On St. Patty’s eve, eager fans arrived in distant Hell’s Kitchen searching for those streams of whiskey at the end of the rainbow—or at least a song about these mythical streams. People had gathered to see legendary Irish folk-punk outfit the Pogues as well as Brooklyn’s the So So Glos. Decked in green, Guinness sloshing on the floors, a rambunctious crowd began to pack the venue around 8 p.m. as the So So Glos took the stage.
The So So Glos, literally a band of brothers, kicked off the night with an edge. The DIY-punk founders of Bay Ridge’s Market Hotel looked completely comfortable on the very spacious—yet very dissimilar—stage of Terminal 5. Emphatic repetition, group-chanted lines, catchy but not cloying choruses, reverb and clever, punchy lyrics made for a fully layered sound. Lead vocalist Alex Levine brought the swagger as he instructed the crowd how to do the “Lindy Hop,” also a song off the band’s most recent LP, Low Back Chain Shift (Green Owl). Key advice? To “not think about being cool, not think about how much you paid to get in here.” (Day-of tickets were running at $70 a pop.) The So So Glos closed out the set with swinging number “Here Comes The Neighborhood,” exiting the stage with a cry of “Pogue mahone,” which translates to “Kiss my arse!”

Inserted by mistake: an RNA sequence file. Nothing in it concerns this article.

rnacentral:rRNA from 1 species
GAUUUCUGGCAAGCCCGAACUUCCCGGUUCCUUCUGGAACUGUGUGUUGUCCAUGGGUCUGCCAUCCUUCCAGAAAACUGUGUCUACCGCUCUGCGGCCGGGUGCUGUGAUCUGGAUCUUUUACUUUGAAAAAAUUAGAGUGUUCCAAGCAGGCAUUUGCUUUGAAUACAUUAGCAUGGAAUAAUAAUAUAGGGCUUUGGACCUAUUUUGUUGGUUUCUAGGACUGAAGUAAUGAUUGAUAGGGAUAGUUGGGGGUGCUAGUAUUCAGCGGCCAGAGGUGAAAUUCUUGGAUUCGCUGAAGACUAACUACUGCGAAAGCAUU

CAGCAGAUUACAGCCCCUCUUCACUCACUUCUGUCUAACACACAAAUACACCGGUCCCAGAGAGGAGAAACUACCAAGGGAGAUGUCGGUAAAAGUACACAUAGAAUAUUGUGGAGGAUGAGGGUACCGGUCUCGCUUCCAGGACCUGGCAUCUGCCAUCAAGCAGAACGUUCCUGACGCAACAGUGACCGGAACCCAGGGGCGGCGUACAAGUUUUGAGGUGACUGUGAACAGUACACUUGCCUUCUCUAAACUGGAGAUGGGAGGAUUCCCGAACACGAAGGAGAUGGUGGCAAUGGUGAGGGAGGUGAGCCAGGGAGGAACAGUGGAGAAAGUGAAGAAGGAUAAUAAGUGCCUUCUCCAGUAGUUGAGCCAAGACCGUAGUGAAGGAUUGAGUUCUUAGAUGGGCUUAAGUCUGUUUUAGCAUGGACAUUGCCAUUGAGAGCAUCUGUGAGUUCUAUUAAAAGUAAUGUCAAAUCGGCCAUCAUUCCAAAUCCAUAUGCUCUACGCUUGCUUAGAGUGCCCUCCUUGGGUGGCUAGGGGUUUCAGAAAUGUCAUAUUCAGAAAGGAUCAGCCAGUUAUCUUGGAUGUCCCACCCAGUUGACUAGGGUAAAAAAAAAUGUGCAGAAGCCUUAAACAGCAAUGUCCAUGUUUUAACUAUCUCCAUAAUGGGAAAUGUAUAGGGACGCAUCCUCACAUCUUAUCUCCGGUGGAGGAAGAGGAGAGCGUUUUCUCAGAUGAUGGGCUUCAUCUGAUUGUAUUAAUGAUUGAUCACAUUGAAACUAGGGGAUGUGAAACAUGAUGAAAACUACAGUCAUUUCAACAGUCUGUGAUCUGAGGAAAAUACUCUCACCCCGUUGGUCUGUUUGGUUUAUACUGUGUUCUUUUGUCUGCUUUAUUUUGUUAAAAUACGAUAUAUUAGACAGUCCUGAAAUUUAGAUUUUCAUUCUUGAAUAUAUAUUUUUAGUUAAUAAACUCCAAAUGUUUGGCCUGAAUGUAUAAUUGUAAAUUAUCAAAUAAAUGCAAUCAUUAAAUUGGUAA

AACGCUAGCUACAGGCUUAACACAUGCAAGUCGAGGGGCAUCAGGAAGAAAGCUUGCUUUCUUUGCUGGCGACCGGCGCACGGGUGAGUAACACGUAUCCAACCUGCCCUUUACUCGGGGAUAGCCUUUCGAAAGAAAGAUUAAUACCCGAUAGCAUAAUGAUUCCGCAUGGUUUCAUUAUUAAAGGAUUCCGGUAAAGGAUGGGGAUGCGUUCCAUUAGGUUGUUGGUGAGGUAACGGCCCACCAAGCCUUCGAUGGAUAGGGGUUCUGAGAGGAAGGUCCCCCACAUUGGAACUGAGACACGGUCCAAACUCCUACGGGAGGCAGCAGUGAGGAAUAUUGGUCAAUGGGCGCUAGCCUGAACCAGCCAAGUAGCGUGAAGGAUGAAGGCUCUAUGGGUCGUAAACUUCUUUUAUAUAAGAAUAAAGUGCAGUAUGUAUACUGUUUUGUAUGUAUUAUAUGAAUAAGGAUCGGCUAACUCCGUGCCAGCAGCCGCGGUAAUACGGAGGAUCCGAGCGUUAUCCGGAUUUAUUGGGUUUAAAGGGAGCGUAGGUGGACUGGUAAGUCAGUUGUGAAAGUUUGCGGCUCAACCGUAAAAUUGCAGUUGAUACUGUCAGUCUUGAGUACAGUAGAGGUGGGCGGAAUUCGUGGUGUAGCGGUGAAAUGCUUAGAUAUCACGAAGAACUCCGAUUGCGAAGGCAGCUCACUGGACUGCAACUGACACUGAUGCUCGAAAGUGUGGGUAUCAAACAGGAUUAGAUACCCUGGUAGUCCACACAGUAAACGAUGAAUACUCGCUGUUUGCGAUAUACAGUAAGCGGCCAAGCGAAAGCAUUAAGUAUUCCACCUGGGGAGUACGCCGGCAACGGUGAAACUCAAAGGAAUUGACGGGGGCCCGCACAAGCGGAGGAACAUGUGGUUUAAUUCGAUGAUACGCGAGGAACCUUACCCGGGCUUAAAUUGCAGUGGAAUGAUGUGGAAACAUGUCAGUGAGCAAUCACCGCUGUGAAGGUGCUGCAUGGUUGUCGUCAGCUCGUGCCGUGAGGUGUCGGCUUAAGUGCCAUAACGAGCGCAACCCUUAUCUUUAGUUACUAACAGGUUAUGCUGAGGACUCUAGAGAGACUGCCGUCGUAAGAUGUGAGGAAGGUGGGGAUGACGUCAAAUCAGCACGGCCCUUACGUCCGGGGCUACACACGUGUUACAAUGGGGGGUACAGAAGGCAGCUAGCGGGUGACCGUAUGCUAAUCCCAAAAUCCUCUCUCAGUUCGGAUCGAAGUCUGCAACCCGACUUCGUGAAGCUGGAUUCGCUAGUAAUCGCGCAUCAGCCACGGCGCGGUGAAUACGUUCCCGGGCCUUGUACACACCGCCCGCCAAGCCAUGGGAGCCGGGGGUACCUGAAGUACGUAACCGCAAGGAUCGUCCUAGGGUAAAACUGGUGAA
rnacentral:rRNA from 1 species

After a brief interlude, the lights dimmed and the Clash’s “Straight To Hell” blasted through the speakers—an appropriate choice, as Joe Strummer produced the Pogues’ final studio album. It had the same effect as an echoing tribal drum beat might—hearts raced collectively as drinks were strategically placed aside the mic. Roars erupted as original frontman (the band has seen a few) Shane MacGowan shuffled on stage, decked out in shades and a full trench. The set opened with “Streams Of Whiskey.” At last, the promised land had been reached.
MacGowan played it casual, resting occasionally on the drum riser and taking cigarette breaks to allow Spider Stacy, tin-whistle player as well as vocalist for the band’s last two albums, a go at singing. The Pogues’ signature pairing of traditional instrumentals and rough, rowdy vocals hyped up the audience. Classics including “If I Should Fall From Grace With God,” “Dirty Old Town” and “The Body Of An American” proved to be favorites.
After a double-tiered encore with shenanigans aplenty—Spider Stacy repeatedly banged his head in time to the beat against what appeared to be a baking tray—the Pogues finished its performance. Accordions, banjos and kilts alike retreated backstage. Tail ends of drinks were chugged, and jackets were buttoned as the audience stumbled out onto the streets.